I think there are pedagogical advantages to discussing both the raw numbers and the absolute values and I think the benefits of both explain why they both show up (sometimes in the same text, even).
Each elasticity number gives two bits of information. First, the absolute value with respect to 1 and second, the sign. Now, clearly, if you had a negative elasticity, you could compare it to -1. However, it becomes somewhat difficult to teach when using phrases like "greater than" or "less than" -1 to discuss a good being (in)elastic, since "greater than -1" is actually inelastic if the elasticity is negative. It is much more intuitive to be able to discuss the ratios of percent changes if "greater than" does in fact mean that the top is bigger than the bottom and vice versa for "less than".
Of course, there is also a bunch of information tied up in the sign of the elasticity. We get the Law of Demand out of own-price elasticity, we get compliments/substitutes from cross-price elasticity, etc. So it is important to still make sure students understand the importance of the sign.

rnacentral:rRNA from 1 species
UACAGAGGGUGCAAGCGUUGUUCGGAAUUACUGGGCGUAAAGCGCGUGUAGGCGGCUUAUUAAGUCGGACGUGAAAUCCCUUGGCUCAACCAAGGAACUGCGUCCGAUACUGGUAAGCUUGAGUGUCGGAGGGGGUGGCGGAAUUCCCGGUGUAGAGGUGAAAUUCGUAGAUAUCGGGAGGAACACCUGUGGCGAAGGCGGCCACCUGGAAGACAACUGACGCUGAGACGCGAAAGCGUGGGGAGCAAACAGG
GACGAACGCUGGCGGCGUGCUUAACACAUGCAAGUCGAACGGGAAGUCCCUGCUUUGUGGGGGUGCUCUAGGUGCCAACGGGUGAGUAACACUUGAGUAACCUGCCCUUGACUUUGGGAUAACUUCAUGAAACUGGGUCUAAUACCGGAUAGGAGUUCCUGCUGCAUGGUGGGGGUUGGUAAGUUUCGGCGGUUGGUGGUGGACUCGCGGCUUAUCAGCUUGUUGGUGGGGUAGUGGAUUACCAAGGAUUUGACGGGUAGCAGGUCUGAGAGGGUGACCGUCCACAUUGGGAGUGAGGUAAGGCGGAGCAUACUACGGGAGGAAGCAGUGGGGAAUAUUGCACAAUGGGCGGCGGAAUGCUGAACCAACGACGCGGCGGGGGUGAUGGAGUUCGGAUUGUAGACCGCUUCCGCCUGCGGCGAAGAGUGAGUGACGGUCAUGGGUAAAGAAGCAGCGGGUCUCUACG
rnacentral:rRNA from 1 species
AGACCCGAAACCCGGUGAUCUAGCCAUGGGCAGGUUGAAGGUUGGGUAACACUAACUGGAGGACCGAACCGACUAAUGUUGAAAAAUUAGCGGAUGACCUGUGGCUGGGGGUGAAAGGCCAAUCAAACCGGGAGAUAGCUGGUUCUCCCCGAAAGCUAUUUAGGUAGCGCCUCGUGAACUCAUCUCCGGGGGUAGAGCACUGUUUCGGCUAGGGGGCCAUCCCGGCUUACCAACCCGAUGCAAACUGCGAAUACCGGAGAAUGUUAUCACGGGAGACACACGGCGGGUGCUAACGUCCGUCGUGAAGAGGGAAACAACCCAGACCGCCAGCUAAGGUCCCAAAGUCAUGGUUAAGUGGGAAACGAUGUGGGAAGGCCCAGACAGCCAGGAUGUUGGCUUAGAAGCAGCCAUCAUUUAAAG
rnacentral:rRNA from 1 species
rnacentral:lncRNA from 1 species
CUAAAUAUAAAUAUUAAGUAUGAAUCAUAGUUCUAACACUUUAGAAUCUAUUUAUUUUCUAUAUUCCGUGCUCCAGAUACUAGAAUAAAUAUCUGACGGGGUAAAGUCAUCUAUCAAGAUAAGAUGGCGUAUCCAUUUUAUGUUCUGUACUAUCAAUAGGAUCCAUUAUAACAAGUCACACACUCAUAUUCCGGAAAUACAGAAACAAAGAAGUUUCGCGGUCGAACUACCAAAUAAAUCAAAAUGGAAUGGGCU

When I am teaching, I try to discuss both parts explicitly, but make clear that the elasticity itself includes the appropriate sign. I think most books are trying to capture these two bits of information in one way or another. In any case, the formal definition of elasticity should include the sign, but if one is just talking about how elastic a good is, the absolute value could be reported (with the note that it is the absolute value of the elasticity, not the elasticity itself).
As for MRS, it's usually not the absolute value, per se, that we report, but rather the negative of the derivative dy/dx. This is quite standard, since it has the intuitive interpretation of the consumer being willing to give up so many units of x for so many units of y. Since indifference curves are usually convex, this derivative is negative, thus changing the interpretation (and intuition) somewhat if we don't negate it.